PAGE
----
Correspondence  |   January 1999
Studies' Divergent Results 
Author Notes
  • Professor of Anesthesiology and Adjunct Professor of Physiology; The Medical College of Wisconsin; Milwaukee, Wisconsin
Article Information
Correspondence   |   January 1999
Studies' Divergent Results 
Anesthesiology 1 1999, Vol.90, 321-322. doi:
Anesthesiology 1 1999, Vol.90, 321-322. doi:
In Reply:-The first issue raised by Dr. Saidman concerns the ethics of performing a study in which human volunteers were administered a high concentration of sevoflurane over a long period, [1,2] when a previous publication had already demonstrated transient renal “injury” in volunteers in an identical protocol. [3] The history and rationale for this research follows.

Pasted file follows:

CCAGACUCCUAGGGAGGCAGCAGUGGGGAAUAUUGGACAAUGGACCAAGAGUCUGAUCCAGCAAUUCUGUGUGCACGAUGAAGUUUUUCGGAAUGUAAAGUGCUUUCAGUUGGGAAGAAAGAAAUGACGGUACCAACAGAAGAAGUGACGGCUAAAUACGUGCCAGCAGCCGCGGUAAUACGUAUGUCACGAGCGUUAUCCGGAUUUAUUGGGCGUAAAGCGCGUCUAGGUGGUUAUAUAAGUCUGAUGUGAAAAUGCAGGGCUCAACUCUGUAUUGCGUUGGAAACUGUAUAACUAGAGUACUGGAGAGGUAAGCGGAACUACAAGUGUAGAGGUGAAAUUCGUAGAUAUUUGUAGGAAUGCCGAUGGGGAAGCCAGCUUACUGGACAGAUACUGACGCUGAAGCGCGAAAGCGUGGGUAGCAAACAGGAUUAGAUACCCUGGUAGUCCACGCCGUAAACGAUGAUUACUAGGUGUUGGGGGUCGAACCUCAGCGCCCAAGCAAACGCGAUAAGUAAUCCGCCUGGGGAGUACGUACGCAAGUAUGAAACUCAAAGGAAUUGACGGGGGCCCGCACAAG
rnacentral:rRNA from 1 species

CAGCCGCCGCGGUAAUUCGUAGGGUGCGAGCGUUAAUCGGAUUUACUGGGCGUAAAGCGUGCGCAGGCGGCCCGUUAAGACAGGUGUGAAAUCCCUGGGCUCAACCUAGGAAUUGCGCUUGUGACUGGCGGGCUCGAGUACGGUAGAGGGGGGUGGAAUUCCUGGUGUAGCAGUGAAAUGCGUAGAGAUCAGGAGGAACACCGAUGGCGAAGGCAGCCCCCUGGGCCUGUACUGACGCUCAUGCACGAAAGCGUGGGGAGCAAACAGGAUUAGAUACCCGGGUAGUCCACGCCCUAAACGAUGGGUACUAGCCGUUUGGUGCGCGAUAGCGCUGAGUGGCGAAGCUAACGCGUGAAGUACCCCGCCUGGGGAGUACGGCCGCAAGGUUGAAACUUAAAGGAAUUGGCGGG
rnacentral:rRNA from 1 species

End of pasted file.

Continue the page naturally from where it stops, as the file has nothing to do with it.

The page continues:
First, the majority of our research has been in human volunteers, and the protocols dictate that these volunteers be anesthetized with potent volatile anesthetics for extended periods of time to carefully determine their neurocirculatory effects. Several years ago, Dr. Eger sent a draft of his volunteer study to me for comment before its submission for publication. Therefore, we were aware early on that his data demonstrated a marked, albeit transient, increase in urinary albumin and glucose in volunteers exposed to sevoflurane. This raised concerns that our ongoing protocols, which included randomizing some volunteers to sevoflurane, might in fact be causing these subjects unsuspected harm because none of our studies included evaluations of renal function. However, there were some inconsistent findings in the Eger et al. [3] study that prompted us to pursue our own studies. First, Dr. Eger shared with us that some of the urinary albumin findings from his research were unexplainable. Several of the research subjects in his study had significant increases in urinary albumin on the first day after administration of sevoflurane anesthesia that returned to normal on the second day but were abnormal again on the third day after the sevoflurane exposure. Consultation with several nephrologists suggested that this picture of near-random albuminuria was not consistent with any known pathologic lesion to the kidney. Second, the average inspired compound A concentrations recorded from Dr. Eger's volunteers while receiving 3% sevoflurane in a FGF of 2 l/min, exceeded the average compound A concentrations that have been reported in the literature when providing sevoflurane in an FGF of less than 2 l/min to patients. [4-7] Third, Dr. Eger's report of “nephrotoxicity” from sevoflurane seemed inconsistent with the absence of any case report of nephrotoxicity from sevoflurane in the 10 million patient exposures that had occurred up to that time.